Have you installed Apple's newest operating system upgrade?
Apple claims over 200 new features in Mountain Lion. Many of these features are system and security related. There are several that will improve useability for many of Apple's customers. Some of those features that may have a bigger impact include:
Native support for iCloud. When you install Mountain Lion, you are prompted for your iCloud information. This information is then integrated into the file system, much like Microsoft has done with SkyDrive. One of the more interesting features is the ability to automatically create folders by dragging one document on top of another, in much the same way iOS currently supports. Not only are your files visible on all of your Apple devices, but it displays the documents for that particular app you are using. Don't have an iCloud account? When you run Mountain Lion for the first time it will prompt you to create one.
iMessages. You can now send a message to anyone with an iOS 5 device, bypassing SMS or email all together. Apple has come under fire recently for SMS vulnerability, but the reality is that all SMS capable devices and carriers are vulnerable to the same spoofing threats that Apple devices are. You can read more about the vulnerability, and Apple's response to it here.
Power Nap. Now when your computer is sleeping, it's doing it with one eye open. Mountain Lion can automatically update your mail, notes, reminders and messages so that when your Mac wakes up, you'll have all of your latest information. However, this feature is ONLY supported on a Mac notebook with built-in flash storage.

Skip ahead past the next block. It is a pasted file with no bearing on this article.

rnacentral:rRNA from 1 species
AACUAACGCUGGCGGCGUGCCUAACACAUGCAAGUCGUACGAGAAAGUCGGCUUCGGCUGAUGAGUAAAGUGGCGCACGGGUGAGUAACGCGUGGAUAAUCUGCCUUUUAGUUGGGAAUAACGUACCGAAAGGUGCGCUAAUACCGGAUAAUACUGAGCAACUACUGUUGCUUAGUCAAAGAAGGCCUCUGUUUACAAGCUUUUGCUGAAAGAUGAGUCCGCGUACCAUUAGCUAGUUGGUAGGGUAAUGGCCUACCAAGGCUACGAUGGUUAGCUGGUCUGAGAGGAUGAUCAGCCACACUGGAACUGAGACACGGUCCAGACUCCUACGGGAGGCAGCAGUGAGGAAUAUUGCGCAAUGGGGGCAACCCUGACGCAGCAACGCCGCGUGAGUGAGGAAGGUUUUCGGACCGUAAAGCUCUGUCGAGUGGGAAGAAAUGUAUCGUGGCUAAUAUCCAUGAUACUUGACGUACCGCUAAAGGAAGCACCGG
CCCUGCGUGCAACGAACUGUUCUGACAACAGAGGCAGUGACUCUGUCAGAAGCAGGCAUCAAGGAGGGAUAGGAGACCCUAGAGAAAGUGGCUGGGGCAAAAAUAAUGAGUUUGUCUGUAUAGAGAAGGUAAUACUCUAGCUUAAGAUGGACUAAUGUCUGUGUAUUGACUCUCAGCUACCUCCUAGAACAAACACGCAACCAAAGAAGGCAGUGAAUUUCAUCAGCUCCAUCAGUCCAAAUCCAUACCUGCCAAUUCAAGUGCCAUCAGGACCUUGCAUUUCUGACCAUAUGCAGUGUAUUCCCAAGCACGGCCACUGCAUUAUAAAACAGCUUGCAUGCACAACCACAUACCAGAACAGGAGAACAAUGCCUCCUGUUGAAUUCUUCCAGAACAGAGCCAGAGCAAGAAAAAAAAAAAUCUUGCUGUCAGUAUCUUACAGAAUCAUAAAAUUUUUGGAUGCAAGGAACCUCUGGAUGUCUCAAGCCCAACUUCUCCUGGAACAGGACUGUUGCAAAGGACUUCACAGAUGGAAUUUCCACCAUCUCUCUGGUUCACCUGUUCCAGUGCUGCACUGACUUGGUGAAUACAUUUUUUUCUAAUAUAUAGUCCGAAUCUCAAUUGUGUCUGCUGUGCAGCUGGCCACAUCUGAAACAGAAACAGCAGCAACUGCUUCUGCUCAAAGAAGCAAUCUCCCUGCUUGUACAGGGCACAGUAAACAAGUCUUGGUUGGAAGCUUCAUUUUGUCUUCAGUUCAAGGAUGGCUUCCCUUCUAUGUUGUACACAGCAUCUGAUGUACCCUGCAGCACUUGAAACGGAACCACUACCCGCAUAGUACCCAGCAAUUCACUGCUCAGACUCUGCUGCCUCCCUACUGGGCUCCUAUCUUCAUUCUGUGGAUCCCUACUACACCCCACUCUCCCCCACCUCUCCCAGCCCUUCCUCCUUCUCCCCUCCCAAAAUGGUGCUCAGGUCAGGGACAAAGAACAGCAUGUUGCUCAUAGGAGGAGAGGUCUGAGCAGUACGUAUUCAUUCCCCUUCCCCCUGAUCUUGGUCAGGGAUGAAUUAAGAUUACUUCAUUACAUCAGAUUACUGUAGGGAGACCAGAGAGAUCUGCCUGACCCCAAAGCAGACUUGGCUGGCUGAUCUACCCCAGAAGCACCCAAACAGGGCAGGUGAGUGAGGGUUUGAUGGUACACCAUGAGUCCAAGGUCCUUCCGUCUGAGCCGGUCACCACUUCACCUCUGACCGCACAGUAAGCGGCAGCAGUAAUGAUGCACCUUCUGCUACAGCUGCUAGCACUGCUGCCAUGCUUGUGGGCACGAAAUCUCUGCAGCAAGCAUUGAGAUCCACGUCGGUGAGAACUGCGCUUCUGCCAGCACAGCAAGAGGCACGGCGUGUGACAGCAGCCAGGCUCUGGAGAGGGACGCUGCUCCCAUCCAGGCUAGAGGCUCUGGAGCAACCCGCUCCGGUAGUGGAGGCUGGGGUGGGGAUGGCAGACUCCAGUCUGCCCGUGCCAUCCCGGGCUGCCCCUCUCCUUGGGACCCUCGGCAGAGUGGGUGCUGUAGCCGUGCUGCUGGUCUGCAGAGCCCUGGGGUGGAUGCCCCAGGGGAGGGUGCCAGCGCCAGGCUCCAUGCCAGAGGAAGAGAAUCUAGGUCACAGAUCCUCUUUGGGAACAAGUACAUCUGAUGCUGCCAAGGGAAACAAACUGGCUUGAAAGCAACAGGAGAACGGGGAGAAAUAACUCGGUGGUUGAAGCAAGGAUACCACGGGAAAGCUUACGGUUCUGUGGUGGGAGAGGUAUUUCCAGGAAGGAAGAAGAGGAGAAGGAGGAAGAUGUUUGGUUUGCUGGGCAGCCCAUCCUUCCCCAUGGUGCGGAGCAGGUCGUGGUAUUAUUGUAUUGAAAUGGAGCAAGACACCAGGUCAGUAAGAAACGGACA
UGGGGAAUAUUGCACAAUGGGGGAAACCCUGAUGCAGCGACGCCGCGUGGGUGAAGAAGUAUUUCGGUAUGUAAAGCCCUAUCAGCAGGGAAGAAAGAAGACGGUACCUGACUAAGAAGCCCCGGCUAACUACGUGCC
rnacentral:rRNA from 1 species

Mac App Store. While not new, quite a few improvements have been made. OS X updates are available there, as Apple wants you to use the App Store for updating OS X and other installed apps. The App Store will also automatically download these updates for you. Apps can now be pushed to your Mac, no longer requiring you re-download apps to each computer.
Game Center. You can use your Apple ID to setup and personalize your gaming experience. A feature directly imported from iOS, and using that account information or your Apple ID, the Game Center lets you see what your friends are playing, invite people to play a game with you, chat in-game, and keep track of you and your friends achievements in those games. It also appears to allow you to play across platforms, meaning you can play a game of chess on your Mac against someone on their iPad.
Apple has also tightened the integration with Facebook and Twitter, made improvements to Safari, Accessibility, Auto Save, and in many other areas. If you happen to live in China, Apple has improved your experience quite a bit with updates specifically targeted and Chinese language support and Chinese Government approved search and social media outlets.
A few things of note are absent or dropped from OS X 10.8. Some of them include the option to turn off smooth scrolling, a separate search box in Safari – its now integrated into the URL bar, and no more RSS feeds in Safari (or Mail). Some people are also experiencing decreased battery life, and your battery status is no longer displayed in the menu bar. You must now click on the battery icon to see it.
For a full review of all the features in Mountain Lion, check out the Ars Technica review located here.